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Messages - 67350#1242

I've had this thermometer for at least 25yrs.  Not common to find esp. in this condition.
1967 Shelby GT350/500 / Re: Question about louvered hoods
February 22, 2018, 07:53:05 AM
Is it also correct saying that not all A/C equipped cars got the louvered hood?
Also, were there any louvered steel framed hoods made?
I assume most of this info would be from owner reporting rather than from documentation.
Jeff, now you got me wondering if what I said is totally true.  I will double check and report back if different - what I said is from recollection and will verify. 

My previous post has been corrected. Thanks, Jeff
QuoteThanks for a very easy to follow explanation of things. I will try these steps myself, seems I cant get into much trouble with them and if not satisfied with my wood restoration skills I might look for some help. A genuine thank you from someone that has done it to someone that needs it done... Two thumbs up!!! ;)

Very happy to share - and if you need any tips regarding spokes or horn button refreshing would be glad to help.   :)
I restored the wheel myself back around 1990.  The wheel wasn't in too bad of shape but varnish was wearing through and kind of dull, grimy looking with a small crack along the grain on the right side.  Spokes and hub had several fine scratches in the brushed stainless.  Horn button likewise with fine scratches in the plastic.  As I recall, the wheel had the same general color as seen - not real blonde or real dark to begin with. 
I think most anyone with patience and hand skills should be able to refinish a wheel that is basically sound to begin with without getting into too much trouble or ruining it.
Basic steps would be stripping, repairing any cracks, light sanding, staining if desired, then applying the finish coat.
As I recall I didn't use any chemical stripper - just fine sandpaper to strip the topcoat. (I may have rubbed lightly with laquer thinner).
I used regular wood glue injected into the crack and drew it closed with several wire ties - allowed to dry then sanded smooth.  For bigger cracks that can't be pulled together I would suggest a stainable wood filler in a darker shade so as to blend with the grain.  If you have separation or cracks in the seam that runs around the backside a matching dark stained wood filler could be used here also. I didn't have that problem.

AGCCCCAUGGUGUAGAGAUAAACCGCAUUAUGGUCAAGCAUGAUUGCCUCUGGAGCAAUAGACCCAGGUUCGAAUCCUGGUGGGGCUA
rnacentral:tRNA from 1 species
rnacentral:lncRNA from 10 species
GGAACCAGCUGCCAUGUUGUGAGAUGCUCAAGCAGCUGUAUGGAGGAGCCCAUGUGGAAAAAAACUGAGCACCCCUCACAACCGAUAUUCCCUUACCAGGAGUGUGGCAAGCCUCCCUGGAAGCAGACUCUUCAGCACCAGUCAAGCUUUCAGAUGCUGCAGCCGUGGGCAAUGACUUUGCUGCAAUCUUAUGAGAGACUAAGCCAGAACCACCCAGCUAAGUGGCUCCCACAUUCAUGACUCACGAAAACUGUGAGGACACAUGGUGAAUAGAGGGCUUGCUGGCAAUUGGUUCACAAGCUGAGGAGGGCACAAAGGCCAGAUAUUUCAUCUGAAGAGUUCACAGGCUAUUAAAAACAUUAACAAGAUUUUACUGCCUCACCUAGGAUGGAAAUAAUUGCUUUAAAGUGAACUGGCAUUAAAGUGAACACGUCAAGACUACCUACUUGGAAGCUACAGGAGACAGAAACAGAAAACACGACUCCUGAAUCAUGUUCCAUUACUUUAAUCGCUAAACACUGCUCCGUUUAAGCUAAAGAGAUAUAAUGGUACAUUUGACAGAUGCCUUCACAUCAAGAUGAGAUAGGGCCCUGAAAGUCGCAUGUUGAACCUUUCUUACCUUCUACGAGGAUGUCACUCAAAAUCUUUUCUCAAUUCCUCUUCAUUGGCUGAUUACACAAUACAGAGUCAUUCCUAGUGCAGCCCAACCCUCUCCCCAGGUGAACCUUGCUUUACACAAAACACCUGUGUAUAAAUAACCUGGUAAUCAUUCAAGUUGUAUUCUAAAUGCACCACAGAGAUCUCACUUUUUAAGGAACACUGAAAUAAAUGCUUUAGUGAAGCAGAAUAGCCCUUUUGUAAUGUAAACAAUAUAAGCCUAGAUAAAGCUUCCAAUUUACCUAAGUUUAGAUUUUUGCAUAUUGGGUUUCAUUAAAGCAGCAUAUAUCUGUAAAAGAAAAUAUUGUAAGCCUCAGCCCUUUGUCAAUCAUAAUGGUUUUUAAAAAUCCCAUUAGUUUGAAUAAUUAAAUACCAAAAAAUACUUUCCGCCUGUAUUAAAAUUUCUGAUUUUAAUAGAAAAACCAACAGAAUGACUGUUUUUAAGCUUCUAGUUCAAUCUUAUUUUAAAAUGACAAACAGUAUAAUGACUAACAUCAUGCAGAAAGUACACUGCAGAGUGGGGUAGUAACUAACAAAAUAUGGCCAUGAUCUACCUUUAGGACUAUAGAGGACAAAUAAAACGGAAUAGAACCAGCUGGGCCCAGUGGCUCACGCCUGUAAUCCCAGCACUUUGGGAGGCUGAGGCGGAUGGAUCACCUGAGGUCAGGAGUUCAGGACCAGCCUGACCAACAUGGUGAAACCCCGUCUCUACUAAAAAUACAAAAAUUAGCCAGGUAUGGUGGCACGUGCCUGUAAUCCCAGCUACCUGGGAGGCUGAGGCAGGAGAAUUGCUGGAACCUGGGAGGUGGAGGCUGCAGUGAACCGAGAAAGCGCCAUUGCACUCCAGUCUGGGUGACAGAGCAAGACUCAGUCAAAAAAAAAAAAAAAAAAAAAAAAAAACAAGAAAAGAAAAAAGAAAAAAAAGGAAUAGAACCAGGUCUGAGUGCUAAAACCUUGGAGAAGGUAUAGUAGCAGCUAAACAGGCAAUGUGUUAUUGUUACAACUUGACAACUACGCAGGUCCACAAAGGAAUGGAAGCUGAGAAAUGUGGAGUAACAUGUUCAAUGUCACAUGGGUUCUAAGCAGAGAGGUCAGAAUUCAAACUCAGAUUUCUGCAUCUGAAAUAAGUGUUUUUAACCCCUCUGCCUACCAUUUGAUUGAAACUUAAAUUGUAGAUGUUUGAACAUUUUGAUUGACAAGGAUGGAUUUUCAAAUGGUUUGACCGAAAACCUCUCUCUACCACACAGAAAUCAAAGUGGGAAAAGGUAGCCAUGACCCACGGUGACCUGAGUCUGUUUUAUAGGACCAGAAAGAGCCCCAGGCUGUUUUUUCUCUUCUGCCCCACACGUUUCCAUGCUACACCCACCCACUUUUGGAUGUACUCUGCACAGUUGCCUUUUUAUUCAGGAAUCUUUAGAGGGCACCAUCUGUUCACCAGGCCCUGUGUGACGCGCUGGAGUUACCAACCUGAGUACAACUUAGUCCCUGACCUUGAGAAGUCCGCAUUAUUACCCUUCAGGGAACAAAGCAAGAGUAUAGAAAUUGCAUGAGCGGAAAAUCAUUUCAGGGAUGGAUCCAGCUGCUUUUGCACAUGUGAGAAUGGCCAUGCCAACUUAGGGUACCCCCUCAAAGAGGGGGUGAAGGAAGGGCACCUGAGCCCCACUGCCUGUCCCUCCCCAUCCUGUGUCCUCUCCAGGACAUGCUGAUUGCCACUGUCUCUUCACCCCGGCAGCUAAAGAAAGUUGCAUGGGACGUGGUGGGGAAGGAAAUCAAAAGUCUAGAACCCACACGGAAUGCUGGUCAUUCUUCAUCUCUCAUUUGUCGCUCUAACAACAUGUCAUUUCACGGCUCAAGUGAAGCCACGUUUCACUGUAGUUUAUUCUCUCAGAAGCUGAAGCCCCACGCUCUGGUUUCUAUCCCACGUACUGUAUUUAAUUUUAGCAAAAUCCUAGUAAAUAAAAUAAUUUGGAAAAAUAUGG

Once I got down to the raw wood I wiped on a coat of Minwax wood stain, let it sit a little while then wiped it off. At this point you can tell pretty much how it will end up looking. If not dark enough you can repeat the stain. Don't let it dry on the surface just want to penetrate the pores in the grain.   You may want to practice on some scrap wood with different colored stains to get the tone you want.  I think I used a walnut tint that was pretty dark.  Once dry I may have gone over it again with very fine paper to further highlight the lighter areas.  A little back and forth until you're happy with the look.
I just used a spray on clear gloss polyurethane for a topcoat with 400 wet/dry sanding between coats. 2-3 coats, let dry then color sand and polish out any dust, etc.
I understand that a varnish will impart more of a honey tone to the wood and you may want to use this instead if the look isn't rich enough.  Mine looked good enough with the poly.  Coat over the black spoke tips as well.
After 25+ years the wheel still looks great!

Horn is  gold - lighting/exposure make it look lighter.
1242 Ford assembly 2/1/67 has 7A dates on all glass except windshield (ws is replacement Carlite).
Correction - on closer inspection passenger door glass is 6M - vent is 7A.
1242 has a medium to dark tone
1966 Shelby GT350/GT350H / Re: 1966/67 GT350 Holley
January 26, 2018, 05:53:15 PM
Looks like it is missing the threaded plug for off idle vacuum port on the primary metering plate - pass. side.  You may or may not need a plug depending if you have vacuum advance distributor.  If vacuum adv. dist. will need a nipple adapter.